It's an appropriate story for this anthology, which John Joseph Adams notes in his introduction to the anthology that writers such as Sawyer "are keeping the tradition alive, building on what the generations before have laid out, innovating to keep the sub-genre fresh and vital".

The Gernsback Continuum

The lead story in Steampunk II: Steampunk Reloaded is The Gernsback Continuum, by William Gibson. This story is quite different from the Difference Engine, the novel by William Gibson and Bruce Sterling. In this story, some sort of temporal rift enables the narrator to see a future that never was. All the great impossible dreams of the 1930s exist, beyond the veil of reality. In some ways, I felt like I was reading a Philip K. Dick novel, except in Gibson's story, the character never fully enters this vision of the past.

The Gernsback Continuum is a great story for introducing the concept of retro-futurism, one of the recurring signifiers in steampunk, according to noted steampunk scholar Mike Perschon. According to Perschon, "If a writer wants to convey the future without any nods to the past, they don't fly in airships. Airships are a failed technology that require fictional motive power or construction materials to be made viable." It's the sense of unharnessed potential that slipped away. In steampunk works, retrofuturism tends to emphasize the aspects of a proposed technology which are most impossible, like "a twelve-engined thing like a bloated boomerang, all wing, thrumming its way east with an elephantine grace, so low that I could count the rivets in its dull silver skin, and hear--maybe--the echo of jazz" (Gibson).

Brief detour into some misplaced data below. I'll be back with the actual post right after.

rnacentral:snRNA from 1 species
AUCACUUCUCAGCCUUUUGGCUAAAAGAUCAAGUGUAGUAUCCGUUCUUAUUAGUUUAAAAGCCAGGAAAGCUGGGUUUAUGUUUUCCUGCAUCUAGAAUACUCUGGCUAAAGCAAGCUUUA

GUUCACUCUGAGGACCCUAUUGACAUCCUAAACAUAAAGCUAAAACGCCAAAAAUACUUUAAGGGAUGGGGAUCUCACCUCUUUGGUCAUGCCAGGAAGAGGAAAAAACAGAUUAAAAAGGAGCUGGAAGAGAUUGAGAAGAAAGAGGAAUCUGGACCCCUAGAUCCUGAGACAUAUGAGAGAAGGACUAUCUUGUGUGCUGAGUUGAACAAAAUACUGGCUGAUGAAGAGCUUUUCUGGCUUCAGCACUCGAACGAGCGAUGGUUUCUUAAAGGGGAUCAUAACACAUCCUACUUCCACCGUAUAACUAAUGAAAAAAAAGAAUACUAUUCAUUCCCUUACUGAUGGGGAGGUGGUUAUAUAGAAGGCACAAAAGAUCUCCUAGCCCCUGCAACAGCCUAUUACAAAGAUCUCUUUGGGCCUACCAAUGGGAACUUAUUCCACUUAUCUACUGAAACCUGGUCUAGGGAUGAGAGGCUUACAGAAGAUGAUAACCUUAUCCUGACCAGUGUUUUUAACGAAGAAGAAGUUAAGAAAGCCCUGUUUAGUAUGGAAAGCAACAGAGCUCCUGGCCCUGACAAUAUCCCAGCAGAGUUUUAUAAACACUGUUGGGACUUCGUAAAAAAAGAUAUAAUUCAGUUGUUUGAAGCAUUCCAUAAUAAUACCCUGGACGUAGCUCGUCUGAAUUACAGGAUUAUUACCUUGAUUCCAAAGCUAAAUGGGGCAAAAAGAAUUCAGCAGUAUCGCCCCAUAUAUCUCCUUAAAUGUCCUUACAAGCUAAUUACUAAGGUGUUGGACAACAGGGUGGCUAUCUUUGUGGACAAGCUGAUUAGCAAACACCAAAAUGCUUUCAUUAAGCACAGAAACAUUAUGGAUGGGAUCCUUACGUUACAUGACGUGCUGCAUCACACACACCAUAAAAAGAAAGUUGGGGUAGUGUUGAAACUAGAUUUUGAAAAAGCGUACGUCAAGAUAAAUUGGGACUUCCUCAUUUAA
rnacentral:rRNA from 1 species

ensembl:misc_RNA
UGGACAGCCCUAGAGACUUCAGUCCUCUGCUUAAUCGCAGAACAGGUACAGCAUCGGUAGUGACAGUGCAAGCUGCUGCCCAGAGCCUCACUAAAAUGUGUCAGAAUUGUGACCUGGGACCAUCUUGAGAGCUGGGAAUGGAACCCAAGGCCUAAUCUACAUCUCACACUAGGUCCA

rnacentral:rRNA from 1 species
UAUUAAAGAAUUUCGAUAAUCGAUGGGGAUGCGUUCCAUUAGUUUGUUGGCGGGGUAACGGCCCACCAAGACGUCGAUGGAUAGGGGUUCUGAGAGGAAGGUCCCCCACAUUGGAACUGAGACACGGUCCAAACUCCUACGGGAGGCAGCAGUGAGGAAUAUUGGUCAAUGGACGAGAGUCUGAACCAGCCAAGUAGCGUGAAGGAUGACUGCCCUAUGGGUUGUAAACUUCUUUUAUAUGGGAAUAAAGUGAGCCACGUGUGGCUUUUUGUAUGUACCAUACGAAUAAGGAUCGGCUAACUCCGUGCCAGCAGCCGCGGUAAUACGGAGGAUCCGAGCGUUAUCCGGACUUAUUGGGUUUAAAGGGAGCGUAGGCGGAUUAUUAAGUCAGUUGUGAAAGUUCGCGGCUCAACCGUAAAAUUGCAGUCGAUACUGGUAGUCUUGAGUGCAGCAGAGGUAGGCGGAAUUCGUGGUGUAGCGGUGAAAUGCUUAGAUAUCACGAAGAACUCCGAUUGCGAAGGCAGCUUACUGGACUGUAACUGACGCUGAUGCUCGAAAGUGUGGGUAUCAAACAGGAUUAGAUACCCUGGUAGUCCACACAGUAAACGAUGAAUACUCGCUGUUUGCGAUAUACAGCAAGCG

Gibson's story gives a glimpse of these grand visions from the past, and evokes a sense of nostalgia for these monuments to what might have been. This story is quite interesting when compared to the main body of Gibson's work, which rarely looks to the past. With the Gernsback Continuum, Gibson unleashes the limitless potential of the 1930s, were it not for the pesky laws of physics. It's interesting how much of the story is dedicated to the aesthetics, an important aspect of steampunk. Ultimately, this story is a celebration of the imagination, about the dream that never came to fruition.

It's a good opening to Steampunk Reloaded, giving a feel to the retrofuturistic aesthetics. Instead of going for the neo-victorian feel, Gibson instead evokes the unbridled optimism of early 1930s American architecture and design.

Bookstores and Customer Service